‘If, at the next elective congress, we buy farms to build agricultural academies, all our comrades will be trained there, because the future of our economy is in agriculture. Can you imagine if, in every province, we have an Amcu academy?’ he said.

The union also resolved, during the three-day congress, to lobby for the consolidation of workplace legislation in the mining sector.

Last Friday, Mathunjwa was re-elected to lead AMCU, extending his time at the helm of the labour movement he founded in 1998.

Mathunjwa was elected unopposed at a congress held in Boksburg, east of Johannesburg.

In his address, he vowed to be unapologetic about fighting for poor workers, while slamming the government for being anti-poor.

‘We are more than just a union that conducts wage negotiations and we need to take our children off the streets.

‘As a re-elected president, I am not going to be apologetic. We have been given a mandate as AMCU leaders, we have work to do.

‘Those who have elected us, are expecting a lot from us. This is not an inheritance.’

Since its formation, AMCU has increased its membership, particularly in the North West platinum belt, with considerable gains in the gold sector.

AMCU represented those killed in the Marikana massacre which saw 34 Lonmin mine workers killed by police during a strike over wages in August 2012.

‘This government is not for the poor but for those with influence. Workers are still being killed and there is no accountability for the mining bosses who continue to kill workers,’ said Mathunjwa.

‘We, as a country, cannot expect anything better when those implicated in the Marikana Massacre are running the country.’

The union is known for staging lengthy strikes over working conditions and pay increases.

In April, AMCU ended a five-month long strike at Sibanye-Stillwater gold mines, as it opposed a three-year wage agreement signed between the company and the National Union of Metalworkers, Solidarity and UASA.

Under Mathunjwa’s leadership, AMCU has also faced challenges with authorities.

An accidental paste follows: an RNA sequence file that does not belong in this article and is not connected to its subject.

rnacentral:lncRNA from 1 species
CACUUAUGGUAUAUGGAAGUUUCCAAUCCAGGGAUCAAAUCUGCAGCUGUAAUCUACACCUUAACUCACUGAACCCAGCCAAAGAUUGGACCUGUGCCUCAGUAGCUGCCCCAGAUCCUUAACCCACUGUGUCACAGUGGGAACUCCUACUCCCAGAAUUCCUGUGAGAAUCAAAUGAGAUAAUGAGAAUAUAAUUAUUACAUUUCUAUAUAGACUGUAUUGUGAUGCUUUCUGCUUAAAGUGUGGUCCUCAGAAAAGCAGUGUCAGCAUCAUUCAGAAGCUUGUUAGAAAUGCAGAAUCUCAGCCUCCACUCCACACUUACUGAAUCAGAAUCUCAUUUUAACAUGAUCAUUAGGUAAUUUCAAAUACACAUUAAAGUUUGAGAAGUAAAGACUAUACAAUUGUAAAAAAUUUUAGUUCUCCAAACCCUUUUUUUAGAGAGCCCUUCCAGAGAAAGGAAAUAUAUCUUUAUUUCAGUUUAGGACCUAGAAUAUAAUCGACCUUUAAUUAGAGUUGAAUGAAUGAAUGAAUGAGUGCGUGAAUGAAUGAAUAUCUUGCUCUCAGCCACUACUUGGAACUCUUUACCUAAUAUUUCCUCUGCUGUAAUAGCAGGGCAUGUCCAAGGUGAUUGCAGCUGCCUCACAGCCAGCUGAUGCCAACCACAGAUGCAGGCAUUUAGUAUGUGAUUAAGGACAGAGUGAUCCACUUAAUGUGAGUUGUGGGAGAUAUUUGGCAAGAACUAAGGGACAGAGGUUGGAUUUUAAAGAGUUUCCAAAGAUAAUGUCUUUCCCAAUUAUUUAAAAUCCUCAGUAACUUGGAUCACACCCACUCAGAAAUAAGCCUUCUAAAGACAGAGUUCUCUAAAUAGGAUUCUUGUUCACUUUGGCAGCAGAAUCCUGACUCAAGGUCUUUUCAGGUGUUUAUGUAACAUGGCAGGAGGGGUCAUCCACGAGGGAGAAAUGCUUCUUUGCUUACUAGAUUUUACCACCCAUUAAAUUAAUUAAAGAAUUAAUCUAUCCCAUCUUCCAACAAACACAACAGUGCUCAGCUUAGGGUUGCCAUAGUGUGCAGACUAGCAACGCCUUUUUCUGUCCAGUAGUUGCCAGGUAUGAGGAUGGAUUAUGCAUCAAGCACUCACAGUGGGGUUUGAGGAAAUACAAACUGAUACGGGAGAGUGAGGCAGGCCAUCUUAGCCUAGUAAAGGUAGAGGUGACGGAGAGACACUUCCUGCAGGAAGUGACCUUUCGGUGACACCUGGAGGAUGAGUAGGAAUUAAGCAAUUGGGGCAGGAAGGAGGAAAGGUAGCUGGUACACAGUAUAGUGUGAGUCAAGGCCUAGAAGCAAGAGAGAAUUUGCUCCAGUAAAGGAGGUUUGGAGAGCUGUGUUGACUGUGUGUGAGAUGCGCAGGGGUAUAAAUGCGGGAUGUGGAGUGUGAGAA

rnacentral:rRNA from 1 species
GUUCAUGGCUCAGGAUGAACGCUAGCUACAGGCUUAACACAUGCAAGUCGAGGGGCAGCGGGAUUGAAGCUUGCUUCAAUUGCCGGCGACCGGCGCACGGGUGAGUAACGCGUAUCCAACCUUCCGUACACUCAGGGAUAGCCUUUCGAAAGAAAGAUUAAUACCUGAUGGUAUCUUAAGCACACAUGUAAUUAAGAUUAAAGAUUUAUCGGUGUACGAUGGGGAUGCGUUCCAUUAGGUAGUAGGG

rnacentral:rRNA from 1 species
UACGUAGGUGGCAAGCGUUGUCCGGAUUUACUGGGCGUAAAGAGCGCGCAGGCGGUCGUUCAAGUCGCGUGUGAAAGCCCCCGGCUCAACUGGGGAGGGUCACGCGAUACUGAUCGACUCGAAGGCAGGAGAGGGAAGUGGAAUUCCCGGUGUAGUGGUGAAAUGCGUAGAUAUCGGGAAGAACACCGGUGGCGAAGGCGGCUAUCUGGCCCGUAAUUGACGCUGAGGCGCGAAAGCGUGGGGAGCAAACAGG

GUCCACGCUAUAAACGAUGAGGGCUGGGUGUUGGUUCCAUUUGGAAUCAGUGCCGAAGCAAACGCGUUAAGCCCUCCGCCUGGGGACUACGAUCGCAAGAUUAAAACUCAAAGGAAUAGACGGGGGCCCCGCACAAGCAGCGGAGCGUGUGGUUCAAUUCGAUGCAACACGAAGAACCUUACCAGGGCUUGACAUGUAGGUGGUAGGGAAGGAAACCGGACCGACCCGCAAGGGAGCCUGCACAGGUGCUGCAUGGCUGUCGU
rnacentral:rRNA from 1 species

In April, the Department of Labour issued a notice of intention to deregister the trade union due to non-compliance with its constitution, arguing it was not a genuine trade union.

The Registrar of Labour Relations, Lehlohonolo Molefe, later announced that the union would not be deregistered.

  • The Democratic Alliance (DA) said on Monday that South Africa has a deficit of to 400,000 nurses and wouldn’t be able to meet the demand once the National Health Insurance (NHI) comes into effect.

The party said that in its hurried attempt to implement NHI, the government has stalled the process of accrediting new and current nurse training institutions, which would be critical to the rollout of the NHI.

This came as Parliament’s health portfolio committee sent letters to all political parties in the National Assembly that public hearings on the NHI Bill would start in October.

The DA said it would write to Health Minister Zweli Mkhize to request a detailed public statement explaining how his department would expedite the process of accrediting nursing institutions.

The party said this was central to the successful implementation of the NHI because trained nurses would service NHI accredited healthcare centres.

DA Member of Parliament Madeleine Hicklin said it was puzzling how the government intended to achieve its NHI target of one staff member per 40 patients ratio when it had shown that it was not committed to finding an urgent solution to the nursing crisis.

‘The current predictions are in excess of 400,000 nurses across the board that we need in terms of an additional staff complement to match what is needed for the NHI,’ Hicklin said.

She said the DA would raise these and other concerns when it makes an official submission during the NHI public hearings, in Mpumalanga from 25 to 28 October.